Alexandria Ocasio-Cortez, a Democratic Socialist, became the youngest congresswoman to be elected in the United States Tuesday.
Her campaign focused on issues including poverty, wealth inequality and immigration.
For Ocasio-Cortez, those issues are a reality. The youngest member of Congress won’t be able to afford rent in Washington D.C. until her salary (US$174,000 a year) kicks in in January.
Ocasio-Cortez’s personal struggle highlights a national crisis of wealth disparity in the United States, especially for millennials, and exposes one way in which the political system favors those with financial means, beyond just campaign financing.
“There are many little ways in which our electoral system isn’t even designed (nor prepared) for working-class people to lead,” she tweeted.
40% of ALL Americans currently struggle to pay for one basic need like food or rent.— Alexandria Ocasio-Cortez (@Ocasio2018) November 9, 2018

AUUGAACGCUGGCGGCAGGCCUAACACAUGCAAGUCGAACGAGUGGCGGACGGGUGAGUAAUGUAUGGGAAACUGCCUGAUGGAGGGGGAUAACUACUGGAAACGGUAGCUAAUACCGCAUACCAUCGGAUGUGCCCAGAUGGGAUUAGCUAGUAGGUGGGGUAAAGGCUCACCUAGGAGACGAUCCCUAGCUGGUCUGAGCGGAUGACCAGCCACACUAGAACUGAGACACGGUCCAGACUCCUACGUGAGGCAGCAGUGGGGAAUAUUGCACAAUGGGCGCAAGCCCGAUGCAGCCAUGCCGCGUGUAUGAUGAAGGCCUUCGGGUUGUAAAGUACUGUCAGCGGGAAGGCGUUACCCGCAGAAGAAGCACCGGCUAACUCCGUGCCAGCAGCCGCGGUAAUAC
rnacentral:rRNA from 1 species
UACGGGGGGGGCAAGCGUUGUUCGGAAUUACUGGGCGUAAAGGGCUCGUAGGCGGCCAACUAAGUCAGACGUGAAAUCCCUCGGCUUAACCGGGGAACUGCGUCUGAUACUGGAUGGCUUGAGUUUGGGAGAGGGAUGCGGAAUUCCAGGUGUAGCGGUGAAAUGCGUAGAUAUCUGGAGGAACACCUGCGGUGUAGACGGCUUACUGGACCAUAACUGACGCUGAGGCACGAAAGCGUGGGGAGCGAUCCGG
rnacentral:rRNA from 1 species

As much as @FoxNews likes to mock the working-class, the real scandal is that at the wealthiest point in our history, we are at one of our most unequal.
Most Americans are barely scraping by.
Housing affordability is an issue nationwide. More than 38 million households struggle to afford housing, according to a recent Harvard report.
By 2021, the top 1 percent in the U.S. will control 70 percent of the nation’s private wealth, according to a study by the Boston Consulting Group, a global management consulting firm.
Washington D.C. is one of the top 10 most expensive cities in the U.S. Congressional members often must maintain a residence in their congressional district as well as in D.C.
Fox News anchor Ed Henry mocked Ocasio-Cortez’s inability to afford rent, saying her outfits “could pay a month’s rent in the U.S. capital.
“Never bought the clothes and always told my story. But repeating lies until they are believed is your thing,” she said responding to his unfounded claims.